May 14, 2010

openSUSE as a ruby development platform

openSUSE is a gem for ruby development

In this post I would like to show what openSUSE has to offer to ruby enthusiasts.

The latest openSUSE version ships with ruby 1.8.7, rubygems 1.3.1 and rails 2.3.2. The latest two being not so recent, here is where the openSUSE project shines. Say hello to devel:languages:ruby and devel:languages:ruby:extensions build service projects.

The first is a project containing a more recent 1.8.7 ruby (p249 vs p72 in 11.2). However, as a build service project, it is built on top of multiple targets so you can add this repository not only to 11.2 but also to SLE and older openSUSE releases.

In this project you will also find a ruby19 package which is nothing else than ruby 1.9.1 p376 installable in parallel with 1.8.7.

The devel:languages:ruby:extensions contains ruby libraries and gems. For example you can find rails 2.3.5 there. Libraries are usually packaged as ruby-something and gems are packaged as rubygem-something. Gem packages have some nice attributes:

  • They are visible by the software management stack (rpm ZYpp, and all the ZYpp integrated tools: PackageKit, YaST, etc)
  • They are visible to the gem tool. The rpm is installed where the gem tools expects to find it
  • They are the best choice if you want distribute a fully packaged application, or an appliance using SUSE Studio
  • You can easily create them from a standard gem using the gem2rpm-opensuse script included in the rubygem-gem2rpm package

To add the gem repository to your 11.2 system, just do (as root):

zypper ar rubygems

Living on the edge

While the ruby environment provided by openSUSE is great, you may want to go one step further. What comes to my head:

  • If you have both ruby and ruby19, you would need to have a different package for each ruby interpreter
  • Sometimes you want to try a really experimental virtual machine, however openSUSE offers no package for it (eeer, and experimental VMs make packaging difficult, especially if the developers are MacOS users whose build script download prebuilt binaries of LLVM over the internet eeeek!)
  • If you run or develop applications in the same machine, you may want to isolate the gem environment for each applications
  • You may want quickly to test a program with different interpreters.
  • You may not have root access! And sadly quacking like an administrator won’t give you superpowers.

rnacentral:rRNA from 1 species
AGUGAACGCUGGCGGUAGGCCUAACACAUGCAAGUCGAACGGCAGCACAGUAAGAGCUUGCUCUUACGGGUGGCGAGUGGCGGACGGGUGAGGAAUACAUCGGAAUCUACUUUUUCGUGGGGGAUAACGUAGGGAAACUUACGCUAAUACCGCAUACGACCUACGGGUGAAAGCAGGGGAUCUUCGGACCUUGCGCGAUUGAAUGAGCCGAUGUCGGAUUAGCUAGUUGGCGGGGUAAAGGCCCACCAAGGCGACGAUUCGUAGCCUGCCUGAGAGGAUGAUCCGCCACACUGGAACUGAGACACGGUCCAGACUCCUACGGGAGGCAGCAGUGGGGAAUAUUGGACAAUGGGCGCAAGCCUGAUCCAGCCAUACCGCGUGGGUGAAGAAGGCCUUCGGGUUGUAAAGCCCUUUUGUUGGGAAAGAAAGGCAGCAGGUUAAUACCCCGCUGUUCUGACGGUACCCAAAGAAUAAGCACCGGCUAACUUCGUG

Enter rvm, the ruby version manager

rvm is a nice tool that can quickly compile ruby interpreters from source and switch between them, all without root access (you can also set the current interpreter to the “system” one). Gems you install for one interpreter are isolated from the other interpreters, and you can create “gem sets”.

While rvm can be installed really easily:

bash < <( curl )

for the HEAD version in github or

bash < <( curl )

You can also install it the “openSUSE way”, if you added the devel:languages:ruby:extensions repository:

zypper install rubygem-rvm

Once you have it installed, you will need to run rvm-install (as user) and edit your shell profile so that the environment is set correctly.

Then you can start using it. To see all the interpreters available in your system:

rvm list

To see all the ones known to rvm:

rvm list --all

Build 1.9 from source:

rvm install ruby-1.9.2-head

Build JRuby:

rvm install jruby

Use jruby:

rvm use jruby

Then you can “double check”:

ruby -v

jruby 1.4.0 (ruby 1.8.7 patchlevel 174) (2009-11-02 69fbfa3) (Java HotSpot(TM) 64-Bit Server VM 1.6.0_20) [amd64-java]

Combine rvm with the powerful bundler

Of all the new ruby tools, the ones I find most useful is the bundler, which was created as a rails independent solution to make ruby applications specify the gems they need in their environment.

You can create a Gemfile in the top level directory of your application:

Something like.

source ''
gem "rails", "3.0.0.beta3"
gem "runt", :git => ""

As you can see, you can specify gems from git repositories, or use specific branches or versions. This is really nice for deployment, as you can get the working environment really easy.

bundle install

Would install the missing gems. It would reuse system gems, etc. If you are using rvm, it would install them in the interpreter specific gems.

The bundler has more advanced features, like the ability to take all the gems and “bundle” them directly “in” the application, but I leave that as an exercise to the reader.


So that finishes this post. I hope you could see how openSUSE looks like for a ruby developer.

I would like to first thanks Marcus Rückert (a.k.a darix) as he was the main brain behind the rubygem packages. Also big thanks to the YaST, Klaus, SUSE Studio and Build Service teams, whose development resulted in many package updates and contributions.